Do Night Lights Use a Lot of Electricity?
The amount of power used by a night light is listed by the wattage the light uses. In addition, some night lights automatically shut off when room light increases during the day. The wattage times the amount of time the light is used determines how much electricity a night light uses.
Night lights come in a variety of types including incandescent, neon, electroluminescent and LED (light-emitting diode). The light should have a UL (Underwriters Laboratories) listing for rated wattage. This is how much electricity the night light will use when it is on. Typical incandescent or neon night lights use about 1.5 to 7.5 watts of energy. LED and electroluminescent night lights can use less than a single watt.
The wattage of the night light in combination with how long the lamp is burning determines how much electricity it uses. Manual switch night lights run when you turn them on and stop when you turn them off. Automatic night lights have light sensors that turn them off when room light reaches a certain level. The wattage times the number of hours you run the light determines the amount of electricity the night light uses. For instance, a 1.5 watt light used for 12 hours will use 18 watt hours. That is equivalent to using a single 60-watt light for only 20 minutes.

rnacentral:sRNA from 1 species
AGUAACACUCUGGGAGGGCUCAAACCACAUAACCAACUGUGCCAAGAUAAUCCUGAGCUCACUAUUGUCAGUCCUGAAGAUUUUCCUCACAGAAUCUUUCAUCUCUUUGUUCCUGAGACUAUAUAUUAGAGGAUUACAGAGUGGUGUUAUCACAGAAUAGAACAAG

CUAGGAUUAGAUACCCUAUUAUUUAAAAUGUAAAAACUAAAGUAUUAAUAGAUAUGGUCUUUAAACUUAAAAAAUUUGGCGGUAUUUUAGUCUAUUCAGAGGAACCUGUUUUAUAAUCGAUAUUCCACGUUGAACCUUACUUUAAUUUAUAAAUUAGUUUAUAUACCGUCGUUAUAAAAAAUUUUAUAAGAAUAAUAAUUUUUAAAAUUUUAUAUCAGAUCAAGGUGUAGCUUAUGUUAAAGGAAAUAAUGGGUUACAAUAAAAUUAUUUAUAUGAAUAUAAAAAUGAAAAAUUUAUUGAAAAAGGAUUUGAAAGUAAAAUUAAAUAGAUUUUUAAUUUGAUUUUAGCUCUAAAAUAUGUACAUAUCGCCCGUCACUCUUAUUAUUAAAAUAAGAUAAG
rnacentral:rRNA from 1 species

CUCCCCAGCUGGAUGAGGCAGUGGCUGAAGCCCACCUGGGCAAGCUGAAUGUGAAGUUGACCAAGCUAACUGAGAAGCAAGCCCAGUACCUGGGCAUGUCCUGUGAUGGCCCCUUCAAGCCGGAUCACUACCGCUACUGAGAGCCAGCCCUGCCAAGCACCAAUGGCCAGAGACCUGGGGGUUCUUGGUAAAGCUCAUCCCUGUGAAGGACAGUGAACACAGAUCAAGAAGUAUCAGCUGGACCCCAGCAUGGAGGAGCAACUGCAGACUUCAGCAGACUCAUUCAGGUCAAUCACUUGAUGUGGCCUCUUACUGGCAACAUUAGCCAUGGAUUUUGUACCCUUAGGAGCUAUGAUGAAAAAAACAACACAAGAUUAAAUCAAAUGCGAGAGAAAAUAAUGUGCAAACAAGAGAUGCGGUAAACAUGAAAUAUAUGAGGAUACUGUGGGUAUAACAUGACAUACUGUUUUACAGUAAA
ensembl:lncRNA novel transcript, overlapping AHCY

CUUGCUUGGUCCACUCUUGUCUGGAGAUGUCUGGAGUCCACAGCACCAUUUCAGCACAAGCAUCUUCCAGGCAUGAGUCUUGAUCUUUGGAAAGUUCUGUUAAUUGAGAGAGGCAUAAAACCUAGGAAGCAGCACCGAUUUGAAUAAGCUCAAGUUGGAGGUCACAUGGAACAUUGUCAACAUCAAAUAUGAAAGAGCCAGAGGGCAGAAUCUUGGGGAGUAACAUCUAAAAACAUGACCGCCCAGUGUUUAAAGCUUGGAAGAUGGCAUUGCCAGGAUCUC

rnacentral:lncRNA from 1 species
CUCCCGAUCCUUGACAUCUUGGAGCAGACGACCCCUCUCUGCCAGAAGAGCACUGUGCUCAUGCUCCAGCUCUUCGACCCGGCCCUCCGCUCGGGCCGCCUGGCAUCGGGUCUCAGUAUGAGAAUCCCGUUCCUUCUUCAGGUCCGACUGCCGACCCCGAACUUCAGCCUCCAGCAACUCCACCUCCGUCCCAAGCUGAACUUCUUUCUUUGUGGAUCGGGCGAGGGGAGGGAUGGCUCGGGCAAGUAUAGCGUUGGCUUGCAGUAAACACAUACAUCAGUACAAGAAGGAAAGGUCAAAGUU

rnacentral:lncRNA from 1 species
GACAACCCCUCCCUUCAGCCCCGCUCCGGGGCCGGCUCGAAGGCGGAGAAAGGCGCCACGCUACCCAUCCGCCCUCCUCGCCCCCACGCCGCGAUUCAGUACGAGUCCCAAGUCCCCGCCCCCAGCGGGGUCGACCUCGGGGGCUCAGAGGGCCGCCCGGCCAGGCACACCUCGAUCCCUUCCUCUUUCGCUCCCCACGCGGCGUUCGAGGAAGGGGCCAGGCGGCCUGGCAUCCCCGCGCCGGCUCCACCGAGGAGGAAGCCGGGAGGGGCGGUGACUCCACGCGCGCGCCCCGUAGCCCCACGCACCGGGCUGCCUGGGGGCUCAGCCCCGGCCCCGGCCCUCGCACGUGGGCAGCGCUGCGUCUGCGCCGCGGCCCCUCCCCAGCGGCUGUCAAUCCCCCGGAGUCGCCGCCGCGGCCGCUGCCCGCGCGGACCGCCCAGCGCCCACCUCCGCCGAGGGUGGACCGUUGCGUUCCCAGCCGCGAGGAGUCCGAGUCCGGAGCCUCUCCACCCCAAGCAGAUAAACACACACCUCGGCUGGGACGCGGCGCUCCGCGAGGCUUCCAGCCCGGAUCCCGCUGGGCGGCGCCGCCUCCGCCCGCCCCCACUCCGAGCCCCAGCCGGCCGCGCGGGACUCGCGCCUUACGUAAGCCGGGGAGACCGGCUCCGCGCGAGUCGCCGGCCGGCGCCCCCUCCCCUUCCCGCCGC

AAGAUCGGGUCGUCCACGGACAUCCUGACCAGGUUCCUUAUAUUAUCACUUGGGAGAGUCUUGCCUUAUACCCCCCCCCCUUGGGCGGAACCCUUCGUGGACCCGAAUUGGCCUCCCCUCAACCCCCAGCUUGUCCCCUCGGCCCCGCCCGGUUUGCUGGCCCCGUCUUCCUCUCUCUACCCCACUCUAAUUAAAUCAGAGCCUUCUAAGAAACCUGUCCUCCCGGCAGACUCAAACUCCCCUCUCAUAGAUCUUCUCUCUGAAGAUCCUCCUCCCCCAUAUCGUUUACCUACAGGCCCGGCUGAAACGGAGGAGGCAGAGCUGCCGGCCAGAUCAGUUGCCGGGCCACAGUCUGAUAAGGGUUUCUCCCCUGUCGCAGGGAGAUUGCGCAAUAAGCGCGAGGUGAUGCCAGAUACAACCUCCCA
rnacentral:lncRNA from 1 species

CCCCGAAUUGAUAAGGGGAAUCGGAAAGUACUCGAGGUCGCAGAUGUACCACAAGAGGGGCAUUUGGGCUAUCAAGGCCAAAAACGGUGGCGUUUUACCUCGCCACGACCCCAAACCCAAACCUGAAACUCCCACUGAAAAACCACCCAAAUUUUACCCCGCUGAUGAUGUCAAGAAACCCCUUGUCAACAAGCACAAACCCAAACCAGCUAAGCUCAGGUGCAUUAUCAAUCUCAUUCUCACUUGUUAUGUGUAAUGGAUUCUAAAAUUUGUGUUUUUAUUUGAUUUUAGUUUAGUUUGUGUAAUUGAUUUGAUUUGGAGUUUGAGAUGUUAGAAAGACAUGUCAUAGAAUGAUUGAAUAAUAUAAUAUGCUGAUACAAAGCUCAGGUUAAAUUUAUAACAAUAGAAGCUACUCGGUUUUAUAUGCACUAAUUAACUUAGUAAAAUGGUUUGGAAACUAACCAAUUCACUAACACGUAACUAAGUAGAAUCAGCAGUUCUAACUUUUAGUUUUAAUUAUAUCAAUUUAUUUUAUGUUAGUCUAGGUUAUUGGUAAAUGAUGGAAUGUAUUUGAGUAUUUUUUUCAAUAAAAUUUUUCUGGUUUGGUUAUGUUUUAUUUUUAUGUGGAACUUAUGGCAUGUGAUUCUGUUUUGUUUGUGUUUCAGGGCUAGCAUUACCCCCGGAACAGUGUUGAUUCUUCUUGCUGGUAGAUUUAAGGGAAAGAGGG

Some specialty night lights are rated at less than a single watt. The wattage does not determine the light output for a light. Modern designs are more efficient than incandescent lights and can produce more light with less wattage. Other factors to consider are the initial cost of a night light, and how long the night light is likely to last. While night lights consume much less power than typical lights, they are used for longer periods of time.